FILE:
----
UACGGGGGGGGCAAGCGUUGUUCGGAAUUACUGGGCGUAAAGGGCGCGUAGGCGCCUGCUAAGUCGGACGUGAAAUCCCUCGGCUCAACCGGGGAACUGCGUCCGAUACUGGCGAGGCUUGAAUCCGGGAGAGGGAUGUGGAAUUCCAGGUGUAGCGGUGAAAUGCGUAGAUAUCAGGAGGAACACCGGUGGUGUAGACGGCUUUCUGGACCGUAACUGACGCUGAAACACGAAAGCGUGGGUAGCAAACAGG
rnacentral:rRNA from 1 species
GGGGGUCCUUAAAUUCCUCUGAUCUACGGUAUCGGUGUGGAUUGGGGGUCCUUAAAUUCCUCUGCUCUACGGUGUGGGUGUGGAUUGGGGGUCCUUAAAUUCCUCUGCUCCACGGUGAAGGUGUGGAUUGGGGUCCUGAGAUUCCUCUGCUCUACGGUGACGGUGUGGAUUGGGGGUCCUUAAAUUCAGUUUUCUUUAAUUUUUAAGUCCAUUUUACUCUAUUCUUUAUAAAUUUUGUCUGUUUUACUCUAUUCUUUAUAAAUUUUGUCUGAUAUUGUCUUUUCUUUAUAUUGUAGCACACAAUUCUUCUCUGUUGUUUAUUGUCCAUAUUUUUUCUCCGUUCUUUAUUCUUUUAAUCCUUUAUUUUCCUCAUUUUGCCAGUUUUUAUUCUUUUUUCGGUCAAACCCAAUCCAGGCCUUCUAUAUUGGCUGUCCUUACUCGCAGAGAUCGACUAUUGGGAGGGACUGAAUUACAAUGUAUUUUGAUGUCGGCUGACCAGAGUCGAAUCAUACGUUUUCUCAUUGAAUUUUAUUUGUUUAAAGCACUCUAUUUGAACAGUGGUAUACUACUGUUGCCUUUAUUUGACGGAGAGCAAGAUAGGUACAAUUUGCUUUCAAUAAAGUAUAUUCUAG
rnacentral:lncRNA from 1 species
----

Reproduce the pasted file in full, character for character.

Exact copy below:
UACGGGGGGGGCAAGCGUUGUUCGGAAUUACUGGGCGUAAAGGGCGCGUAGGCGCCUGCUAAGUCGGACGUGAAAUCCCUCGGCUCAACCGGGGAACUGCGUCCGAUACUGGCGAGGCUUGAAUCCGGGAGAGGGAUGUGGAAUUCCAGGUGUAGCGGUGAAAUGCGUAGAUAUCAGGAGGAACACCGGUGGUGUAGACGGCUUUCUGGACCGUAACUGACGCUGAAACACGAAAGCGUGGGUAGCAAACAGG
rnacentral:rRNA from 1 species
GGGGGUCCUUAAAUUCCUCUGAUCUACGGUAUCGGUGUGGAUUGGGGGUCCUUAAAUUCCUCUGCUCUACGGUGUGGGUGUGGAUUGGGGGUCCUUAAAUUCCUCUGCUCCACGGUGAAGGUGUGGAUUGGGGUCCUGAGAUUCCUCUGCUCUACGGUGACGGUGUGGAUUGGGGGUCCUUAAAUUCAGUUUUCUUUAAUUUUUAAGUCCAUUUUACUCUAUUCUUUAUAAAUUUUGUCUGUUUUACUCUAUUCUUUAUAAAUUUUGUCUGAUAUUGUCUUUUCUUUAUAUUGUAGCACACAAUUCUUCUCUGUUGUUUAUUGUCCAUAUUUUUUCUCCGUUCUUUAUUCUUUUAAUCCUUUAUUUUCCUCAUUUUGCCAGUUUUUAUUCUUUUUUCGGUCAAACCCAAUCCAGGCCUUCUAUAUUGGCUGUCCUUACUCGCAGAGAUCGACUAUUGGGAGGGACUGAAUUACAAUGUAUUUUGAUGUCGGCUGACCAGAGUCGAAUCAUACGUUUUCUCAUUGAAUUUUAUUUGUUUAAAGCACUCUAUUUGAACAGUGGUAUACUACUGUUGCCUUUAUUUGACGGAGAGCAAGAUAGGUACAAUUUGCUUUCAAUAAAGUAUAUUCUAG
rnacentral:lncRNA from 1 species